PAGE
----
Employees with specialist skills recognise the need for ups killing and are more ready for reinvention.
Employees with specialist skills recognise the need for ups killing and are more ready for reinvention. Image: PWC

How can businesses take a skills-first approach?

The survey findings are a critical call to action for business leaders to step up and help all of their workers – whether those with specialist skills or those without – prepare for the changes that lie ahead. Not just because it is the right thing to do, but because otherwise, they will face serious gaps in their workforce. Businesses across industries are facing the prospect of significant labour and skills shortages over the next few years, meaning that CEOs must reinvent the workplace if they are to retain and develop employees.

Bold times require bold measures and so business leaders need to dig deep to consider innovative ways to unlock and support the talents of their workforce, which encompasses both their workers with specialist skills and those without them. Tackling these challenges will mean different things to different companies, but there are some steps that make sense across industries and sectors. According to the survey, more than one-third (35%) of workers have skills that are not apparent from their CVs or job histories, indicating that companies may be overlooking existing talent.

The World Economic Forum in collaboration with PwC is calling for a rethink of the way that businesses recruit new workers with the introduction of a skills-first approach, which focuses on a person’s competencies rather than on their qualifications or job history. Recent research published by the World Economic Forum in collaboration with PwC found that creating skills-first labour markets could help more than 100 million people worldwide get better jobs.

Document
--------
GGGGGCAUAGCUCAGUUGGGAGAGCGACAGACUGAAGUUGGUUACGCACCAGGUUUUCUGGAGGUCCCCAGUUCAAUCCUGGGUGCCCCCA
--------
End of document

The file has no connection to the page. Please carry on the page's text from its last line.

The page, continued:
Another important step is to introduce or improve measures to help employees improve and develop within the company. The survey found that more than three-quarters of well-paid workers seek feedback at work and use it to improve their performance, while only 61% of lower-paid workers do this, suggesting that many businesses could look at ways of providing valuable feedback to all workers, whether they have specialist skills or not.

Successful leaders know that the currency of human capital isn’t jobs or roles, but skills. Forward-looking companies need to not only redesign their career paths around skills, they also need to understand the importance of supporting, engaging and encouraging their employees through the transitions that are going to be needed. The next few years are going to be challenging for both workers and businesses as they seek to adapt to changing circumstances in the most effective way. The more they can work together to help each other adapt and grow, the better it will be, not only for their own outlook but for our society as a whole.

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Related topics:
Davos AgendaJobs and SkillsFuture of Work